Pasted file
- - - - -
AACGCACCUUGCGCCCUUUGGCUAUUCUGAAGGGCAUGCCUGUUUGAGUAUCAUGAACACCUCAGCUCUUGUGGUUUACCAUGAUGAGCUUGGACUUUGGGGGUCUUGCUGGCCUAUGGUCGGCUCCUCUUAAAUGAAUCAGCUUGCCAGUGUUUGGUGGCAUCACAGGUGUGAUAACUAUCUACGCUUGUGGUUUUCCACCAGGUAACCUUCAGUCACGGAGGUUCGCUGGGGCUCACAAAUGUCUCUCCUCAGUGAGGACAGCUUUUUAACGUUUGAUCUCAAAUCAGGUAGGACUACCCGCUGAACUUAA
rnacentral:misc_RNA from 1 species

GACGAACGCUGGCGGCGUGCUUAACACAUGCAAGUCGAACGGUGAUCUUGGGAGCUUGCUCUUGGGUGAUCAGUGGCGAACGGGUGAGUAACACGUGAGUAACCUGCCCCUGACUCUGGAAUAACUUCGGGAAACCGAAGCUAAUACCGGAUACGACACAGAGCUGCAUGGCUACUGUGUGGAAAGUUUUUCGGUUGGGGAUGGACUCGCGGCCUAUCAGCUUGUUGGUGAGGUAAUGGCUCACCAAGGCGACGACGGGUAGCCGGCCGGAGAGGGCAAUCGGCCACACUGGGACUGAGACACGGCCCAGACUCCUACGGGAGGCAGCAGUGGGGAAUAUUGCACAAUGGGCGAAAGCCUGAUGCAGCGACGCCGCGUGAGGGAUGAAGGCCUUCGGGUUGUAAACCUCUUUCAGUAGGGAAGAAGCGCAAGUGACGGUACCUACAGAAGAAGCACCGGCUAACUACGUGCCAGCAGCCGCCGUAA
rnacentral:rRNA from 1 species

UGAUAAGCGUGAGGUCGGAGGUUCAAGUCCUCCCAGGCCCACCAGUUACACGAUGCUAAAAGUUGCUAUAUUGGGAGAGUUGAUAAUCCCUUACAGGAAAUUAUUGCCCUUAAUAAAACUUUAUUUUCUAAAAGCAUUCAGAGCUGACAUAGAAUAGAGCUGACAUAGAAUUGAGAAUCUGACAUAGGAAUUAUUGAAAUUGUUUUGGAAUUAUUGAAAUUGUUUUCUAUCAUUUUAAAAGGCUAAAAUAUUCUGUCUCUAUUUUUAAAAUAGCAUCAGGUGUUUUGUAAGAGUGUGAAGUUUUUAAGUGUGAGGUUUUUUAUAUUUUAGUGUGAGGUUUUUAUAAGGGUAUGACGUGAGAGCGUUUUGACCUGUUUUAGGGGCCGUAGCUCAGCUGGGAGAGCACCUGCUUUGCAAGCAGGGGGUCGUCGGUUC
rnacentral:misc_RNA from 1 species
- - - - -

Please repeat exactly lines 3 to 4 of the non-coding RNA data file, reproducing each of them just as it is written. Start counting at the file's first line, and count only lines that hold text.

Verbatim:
GACGAACGCUGGCGGCGUGCUUAACACAUGCAAGUCGAACGGUGAUCUUGGGAGCUUGCUCUUGGGUGAUCAGUGGCGAACGGGUGAGUAACACGUGAGUAACCUGCCCCUGACUCUGGAAUAACUUCGGGAAACCGAAGCUAAUACCGGAUACGACACAGAGCUGCAUGGCUACUGUGUGGAAAGUUUUUCGGUUGGGGAUGGACUCGCGGCCUAUCAGCUUGUUGGUGAGGUAAUGGCUCACCAAGGCGACGACGGGUAGCCGGCCGGAGAGGGCAAUCGGCCACACUGGGACUGAGACACGGCCCAGACUCCUACGGGAGGCAGCAGUGGGGAAUAUUGCACAAUGGGCGAAAGCCUGAUGCAGCGACGCCGCGUGAGGGAUGAAGGCCUUCGGGUUGUAAACCUCUUUCAGUAGGGAAGAAGCGCAAGUGACGGUACCUACAGAAGAAGCACCGGCUAACUACGUGCCAGCAGCCGCCGUAA
rnacentral:rRNA from 1 species